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Going Cloud Native with Jenkins Kubernetes Operator

By September 2, 2021July 24th, 2023Blog, Project

Contributed by Bartek Antoniak, VirtusLab

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When it comes to the cloud native technology landscape, the rate of change in this space is impressive. Almost every day we hear about new technologies and open standards that are advocated as “advancing software delivery and how we work”. This often leads to the following consideration: staying with the legacy solution we currently have or migrating to the new technology stack.

If we want to stay on top of the latest technologies with legacy solutions, it requires interoperability in the cloud native world. The technology itself needs to adjust to cloud native architecture principles like scalability, stateless components, declarative configuration, and automation. 

On the other hand, if we decide to migrate to the new solution, it’s often a big question mark. Does this technology really fit our needs? What about a seamless migration path, upskilling people and security aspects?

This article focuses on paving the way for Jenkins interoperability in the cloud. We’ll understand what makes Jenkins cloud native ready and how to stay relevant in the dynamic nature of new technologies these days.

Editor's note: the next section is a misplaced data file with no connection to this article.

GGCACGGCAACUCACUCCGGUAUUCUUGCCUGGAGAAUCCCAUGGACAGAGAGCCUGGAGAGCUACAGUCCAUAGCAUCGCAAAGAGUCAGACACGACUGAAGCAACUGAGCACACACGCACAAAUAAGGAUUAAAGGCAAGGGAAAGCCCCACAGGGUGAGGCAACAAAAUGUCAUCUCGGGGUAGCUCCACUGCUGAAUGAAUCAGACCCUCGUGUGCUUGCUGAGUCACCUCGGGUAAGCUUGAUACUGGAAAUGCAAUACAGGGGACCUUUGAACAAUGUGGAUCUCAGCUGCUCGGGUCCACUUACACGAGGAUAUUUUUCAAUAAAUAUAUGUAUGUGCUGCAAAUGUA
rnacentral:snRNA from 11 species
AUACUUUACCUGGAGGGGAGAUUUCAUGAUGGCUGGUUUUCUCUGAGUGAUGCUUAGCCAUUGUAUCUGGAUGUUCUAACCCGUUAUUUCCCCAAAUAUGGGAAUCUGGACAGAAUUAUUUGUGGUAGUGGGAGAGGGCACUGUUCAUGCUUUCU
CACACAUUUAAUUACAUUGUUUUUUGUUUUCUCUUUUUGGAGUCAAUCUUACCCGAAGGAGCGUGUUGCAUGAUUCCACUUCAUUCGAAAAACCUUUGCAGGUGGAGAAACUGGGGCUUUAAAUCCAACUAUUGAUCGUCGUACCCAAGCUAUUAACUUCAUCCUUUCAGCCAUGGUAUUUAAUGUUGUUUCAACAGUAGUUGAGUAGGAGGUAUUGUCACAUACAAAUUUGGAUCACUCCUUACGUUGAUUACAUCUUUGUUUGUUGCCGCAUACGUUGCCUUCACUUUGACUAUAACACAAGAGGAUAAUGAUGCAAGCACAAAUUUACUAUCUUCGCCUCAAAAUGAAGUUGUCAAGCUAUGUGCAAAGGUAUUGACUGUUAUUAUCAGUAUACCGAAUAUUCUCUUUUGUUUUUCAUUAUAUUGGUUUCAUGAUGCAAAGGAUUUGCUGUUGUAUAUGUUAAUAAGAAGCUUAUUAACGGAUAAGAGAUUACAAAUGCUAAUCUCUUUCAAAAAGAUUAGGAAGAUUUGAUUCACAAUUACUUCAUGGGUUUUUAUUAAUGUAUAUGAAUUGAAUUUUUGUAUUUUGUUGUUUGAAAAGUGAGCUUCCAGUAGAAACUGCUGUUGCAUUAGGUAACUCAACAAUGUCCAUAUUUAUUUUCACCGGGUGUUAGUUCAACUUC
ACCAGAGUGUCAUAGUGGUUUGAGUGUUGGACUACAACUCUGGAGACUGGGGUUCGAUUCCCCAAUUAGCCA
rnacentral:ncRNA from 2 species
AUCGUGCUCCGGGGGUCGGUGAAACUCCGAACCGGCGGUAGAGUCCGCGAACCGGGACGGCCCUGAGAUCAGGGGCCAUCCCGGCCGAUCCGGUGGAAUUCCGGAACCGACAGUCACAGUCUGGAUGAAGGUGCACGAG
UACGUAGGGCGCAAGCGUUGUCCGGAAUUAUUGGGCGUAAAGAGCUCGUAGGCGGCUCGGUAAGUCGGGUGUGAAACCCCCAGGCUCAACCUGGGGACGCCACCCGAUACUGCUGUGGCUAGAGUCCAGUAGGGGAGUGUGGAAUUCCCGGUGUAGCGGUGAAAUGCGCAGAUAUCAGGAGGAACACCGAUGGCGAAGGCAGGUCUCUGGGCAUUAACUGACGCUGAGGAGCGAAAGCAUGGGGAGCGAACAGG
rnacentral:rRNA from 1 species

Minimizing the distance between Jenkins and cloud

Jenkins was created a while ago in 2004. However, it still holds 51.02% of the market share with more than 5,887 companies using this software according to this Datanyze report.

Jenkins was not necessarily designed to be run in the cloud from day one. It was especially not built to work in a dynamic environment like Kubernetes, which has become the de facto standard for running containerized workloads in the cloud nowadays. 

The good news is, we can significantly minimize the distance between Jenkins and the cloud by delegating more responsibility to the cloud. This approach also reduces costs by creating less operational overhead.

What makes Jenkins Cloud Native ready today

Running stateful applications like Jenkins in a distributed, dynamic cloud environment like Kubernetes is probably the hardest aspect of achieving truly cloud-native infrastructure due to complex life-cycle management and scaling activities. 

With stateless applications, we can scale up, scale down, or terminate them at any time without fear of data loss because all states are stored outside of a container. At the moment, this is barely possible with the current architecture of Jenkins, however, the Cloud Native SIG is leading the effort to make it better in the near future.

Let’s have a look at the key aspects that make Jenkins Cloud Native ready today.

Extensibility – thanks to the rich ecosystem of plugins, Jenkins is highly modular. Without changing the core architecture, the system can be integrated with the cloud environment, e.g. by using external AWS S3 storage for backups. Plugins are the main source of configuration and adding new capabilities on top of Jenkins. 

Declarative configuration as code – designed with immutability in mind, it helps deploy and manage software faster. Jenkins directly supports the execution of Groovy scripts, which are the main entry point to the Jenkins API, and the Configuration as Code plugin, which is a nice abstraction layer with some predefined tasks. Initial configuration can be entirely defined in code and automated from end-to-end.